It honestly feels a bit silly introducing Karl. How many times does his EMB pedigree need to be brought up? The style? The smile? Karl has been doing it for more than three decades and his influence is still all around us, but it isn’t like he’s gone and calcified in stone. He’s a living, breathing, creating presence still very much ensconced in the Bay Area scene and the skate world at-large. He has his own company, Maxallure, and is involved in the impending resurgence of Satori Wheels.
I got in touch with him to see what those three-plus decades do to your perspective and even scored a session with him and the Maxallure team in the 105-degree summer heat of the San Fernando Valley. I don’t know if it’s the energy from his young team or if he’s still got it like that, but it was a pleasure to see him and his squad sweating it out in pure skate rat form.
“Interblend” is a New York / New Jersey montage by Tokyo-based filmer Rob Taro, who made the full-length Time Scan video from last year. Features a mini Central Park section in the middle. Eby’s ollie over the barrier into the rock is fucked.
However, documentarians of #theculture have largely overlooked the ancillary dining establishments that fueled — on a molecular level — the innovation and unforgettable sessions at spots like the Brooklyn Banks, Pulaski, Embarcadero and Love Park.
Until the rise of “foodie” culture, Yelp and the general trend of eating healthy and shit, most skaters’ palates trended towards the most convenient fast-casual options.
With that in mind, and in conjunction with New York Restaurant Week (which is apparently almost a month long ¯\_(ツ)_/¯), we present Quartersnacks Restaurant Week — an oral history of legendary spot-adjacent fast food restaurants. Over the course of conducting the interviews, some common themes emerged, i.e. most skaters favored carb-heavy menu options as an easily accessible energy source. In addition, at most spots the skaters and food service workers formed alliances — an interesting anthropological wrinkle in terms of how different cultures interact.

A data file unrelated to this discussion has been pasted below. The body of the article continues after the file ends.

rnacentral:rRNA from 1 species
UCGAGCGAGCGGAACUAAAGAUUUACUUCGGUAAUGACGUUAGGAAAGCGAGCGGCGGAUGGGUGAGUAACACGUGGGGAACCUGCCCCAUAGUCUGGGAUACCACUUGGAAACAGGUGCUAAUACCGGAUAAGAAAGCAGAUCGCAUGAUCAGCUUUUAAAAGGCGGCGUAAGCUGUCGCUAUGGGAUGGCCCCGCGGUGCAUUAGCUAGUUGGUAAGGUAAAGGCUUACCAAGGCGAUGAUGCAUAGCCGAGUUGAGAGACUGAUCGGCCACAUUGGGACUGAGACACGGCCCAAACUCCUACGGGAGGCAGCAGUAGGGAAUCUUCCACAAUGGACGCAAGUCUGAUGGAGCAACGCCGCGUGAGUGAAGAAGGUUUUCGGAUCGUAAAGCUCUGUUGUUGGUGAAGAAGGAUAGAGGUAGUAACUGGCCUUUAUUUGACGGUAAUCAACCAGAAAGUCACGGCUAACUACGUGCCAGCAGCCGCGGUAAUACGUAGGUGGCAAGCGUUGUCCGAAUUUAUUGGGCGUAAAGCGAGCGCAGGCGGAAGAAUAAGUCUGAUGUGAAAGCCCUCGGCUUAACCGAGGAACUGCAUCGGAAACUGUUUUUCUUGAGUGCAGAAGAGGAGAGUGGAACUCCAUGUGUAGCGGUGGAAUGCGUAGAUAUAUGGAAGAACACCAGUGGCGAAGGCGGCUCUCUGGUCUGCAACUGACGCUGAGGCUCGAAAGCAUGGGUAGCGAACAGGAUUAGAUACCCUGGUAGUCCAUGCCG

“If Marc Johnson hadn’t waited until 2016 to move to Adidas, could his Fully Flared part have been 26 minutes long? Backed by corporate shoe money, could The End have offered more realistic pyrotechnics? If DGK had clung to the Reebok deal, could Parental Advisory have offered a Jay-Z cameo instead of Beanie Siegel?”
New QS spring merch is now available at Supreme & Labor. Available at other U.S. stores this week. Japan also this week. Europe and Canada next week. Available online next Monday, May 9th at midnight. It’s cool.
“Are Eric Koston’s indigo-tinted industry maneuvers helping to usher in a post-board sponsor era in which deck makers become loose, image-oriented collectives for pros and various bros to shack up for a time, under some ‘gest’ or similar rubric, before drifting apart?” — Boil the Ocean on Prince’s legacy in skateboarding, and the prospect of increased fluidity in board sponsor changes.